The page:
Section 9. The Migration of Importation of such Persons as any of the States now existing shall think proper to admit, shall not be prohibited by the Congress prior to the Year one thousand eight hundred and eight, but a Tax or duty may be imposed on such Importation, not exceeding ten dollars for each Person.
This law ended the United States involvement in the International Slave Trade by 1808, but it spawned a new business in the South: slave breeding.  The slave markets were thus supplied past 1808.

The Constitution also contains another law that outlines slave-owners’ rights when a slave runs away.  The Runaway Slave Law is contained in Article IV, Section 2:
No Person held to Service or Labour in one State, under the Laws thereof, escaping into another, shall, in Consequence of any Law or Regulation therein, be discharged from such Service or Labour, but shall be delivered up on Claim of the Party to whom such Service or Labour may be due.


The U.S. Navy began patrolling the West Indies to prevent slaves being smuggled into the U.S. in 1819, and at the same time, began patrolling the eastern Atlantic along the coast of Africa to stop the slaves from being smuggled to the U.S. from Africa.  
The make-up of early Government of the United States tells a tale in its numbers.  William Lee Miller wrote in his book Arguing About Slavery [Arguing About Slavery: The Great Battle in the United States Congress. Vintage Books Division of Random House, New York, 1996. ISBN 0-679-76844-0.]

"Five of the first seven presidents were slaveholders, for thirty-two of the nation's first thirty-six years, forty of its first forty-eight, fifty of its first sixty-four, the nation's president was a slaveholder.  The powerful office of Speaker of the House was held by a slaveholder for twenty-eight of the nation's first thirty-five years.  The president pro-tem of the Senate was virtually always a slaveholder.  The majority of cabinet members and--very important--of justices of the Supreme Court were slaveholders.  The slave-holding Chief justice Roger Taney, appointed by the slave-holding president Andrew Jackson to succeed the slave-holding John Marshall, would serve all the way through the decades before the war into the years of the Civil War itself; it would be a radical change of the kind the slaveholders feared when, in 1863, President Lincoln would appoint the anti-slavery politician Salmon P. Chase of Ohio to succeed Taney.  But by then, even having a president Lincoln had been the occasion for the slaveholders to rebel, to secede, and to resort to arms. 
 "One cites these facts about the formidable presence of the slave interests--to which, of course, dozens more could be added--not as later unhistorical moralizers sometimes do, as an indictment of the nation, but for almost the opposite purpose, to dramatize the immense power of the interest that the nation would nevertheless overcome."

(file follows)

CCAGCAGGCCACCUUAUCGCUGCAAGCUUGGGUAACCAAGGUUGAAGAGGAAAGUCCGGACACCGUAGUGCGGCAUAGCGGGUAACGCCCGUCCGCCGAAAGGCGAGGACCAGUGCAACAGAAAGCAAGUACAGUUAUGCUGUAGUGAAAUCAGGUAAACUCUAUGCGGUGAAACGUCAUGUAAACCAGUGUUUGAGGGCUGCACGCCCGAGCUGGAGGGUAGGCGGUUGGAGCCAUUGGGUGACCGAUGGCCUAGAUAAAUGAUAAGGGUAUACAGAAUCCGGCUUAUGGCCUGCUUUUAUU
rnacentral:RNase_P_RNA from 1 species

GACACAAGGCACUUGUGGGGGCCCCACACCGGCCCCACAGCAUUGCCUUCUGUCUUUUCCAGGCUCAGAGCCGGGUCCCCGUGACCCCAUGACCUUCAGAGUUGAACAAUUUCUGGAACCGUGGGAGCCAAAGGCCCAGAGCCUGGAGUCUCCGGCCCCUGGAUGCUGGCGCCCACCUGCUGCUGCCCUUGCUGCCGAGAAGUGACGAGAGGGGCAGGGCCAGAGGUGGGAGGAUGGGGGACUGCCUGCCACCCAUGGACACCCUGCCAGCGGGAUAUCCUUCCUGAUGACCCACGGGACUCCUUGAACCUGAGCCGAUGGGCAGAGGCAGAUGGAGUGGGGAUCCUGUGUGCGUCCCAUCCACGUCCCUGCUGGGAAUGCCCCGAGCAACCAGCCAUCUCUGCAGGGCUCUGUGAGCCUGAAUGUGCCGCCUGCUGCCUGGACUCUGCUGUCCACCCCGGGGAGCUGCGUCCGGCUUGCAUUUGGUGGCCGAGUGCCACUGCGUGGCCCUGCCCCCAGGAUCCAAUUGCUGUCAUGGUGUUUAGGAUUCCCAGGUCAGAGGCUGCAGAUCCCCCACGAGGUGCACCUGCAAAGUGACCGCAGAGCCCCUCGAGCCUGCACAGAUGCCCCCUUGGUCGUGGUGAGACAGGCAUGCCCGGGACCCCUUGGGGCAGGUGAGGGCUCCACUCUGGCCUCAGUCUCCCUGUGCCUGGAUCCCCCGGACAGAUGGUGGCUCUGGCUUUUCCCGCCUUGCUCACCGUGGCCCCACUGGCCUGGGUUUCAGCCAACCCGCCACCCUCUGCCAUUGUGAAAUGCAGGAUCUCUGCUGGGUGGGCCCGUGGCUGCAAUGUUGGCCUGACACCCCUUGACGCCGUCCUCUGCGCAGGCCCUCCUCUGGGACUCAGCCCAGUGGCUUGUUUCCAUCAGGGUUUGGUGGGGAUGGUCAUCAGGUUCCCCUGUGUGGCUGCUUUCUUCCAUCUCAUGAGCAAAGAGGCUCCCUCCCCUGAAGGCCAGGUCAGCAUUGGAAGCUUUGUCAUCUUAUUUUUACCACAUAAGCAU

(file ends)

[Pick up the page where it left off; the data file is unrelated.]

As one can begin to see, the fight to remove slavery from the United States was a knock-down-drag-out battle in the United States Congress, and in the newspapers throughout the nation.  Northern politicians also fought against the Slave interest in Congress by attempting to admit new states as “Free” states, allowing no slavery.  At least five generations of slave-owning Southerners were born before the Constitution was adopted.  To be sure there was indeed slavery in the North.  But by the 1840s most of those Northern States had ended slavery by outlawing it and granting freedom to the slaves.  

Regardless, the fight in Congress went on, and grew to focus on the admission of Slave and Free states to the Union as the nation grew westward.  

The Republican Party grew up in the upper Midwest in the 1850s as an anti-slavery liberal party.  It lost the 1856 election when Northern Democrat James Buchanan from Pennsylvania defeated explorer and scout from the wild western state of California, John C. Fremont.  It was a contest, but not really close.  But it was encouraging enough to the Anti-slavery states, and the Party grew.

By 1860 the US was preparing for war, particularly in the South.  Slavery had a major role in Southern Culture.  Well over a century of successful slave-owning had solidified that role as a natural part and a natural right of the slave-holding South.  Slavery was a larger part of the Southern economy than real estate.  

Along came Abraham Lincoln.  His seven fiery 1858 debates with Stephen A. Douglas during the race for the Senate seat from Illinois captured the attention of the nation.  Newspapers followed them around the state and reported in great detail what both men said.  It was Anti-Slavery Republican Lincoln vs. Slavery Defender Northern Democrat Douglas.   Douglas won the Senate seat, but it was tight.

And so it was again in 1860, when the two faced off in a fight for the White House.  Both had enhanced their reputations during the debates in Illinois, and it was clear what each man stood for.  The issue of slavery had finally come to the fore.  But the Democratic Party split along North-South lines, Southern Democrats backing John C. Breckinridge, and Northern Democrats backing Douglas, against the Republican, Abraham Lincoln.  

The split doomed the Democrats, Lincoln won in a landslide.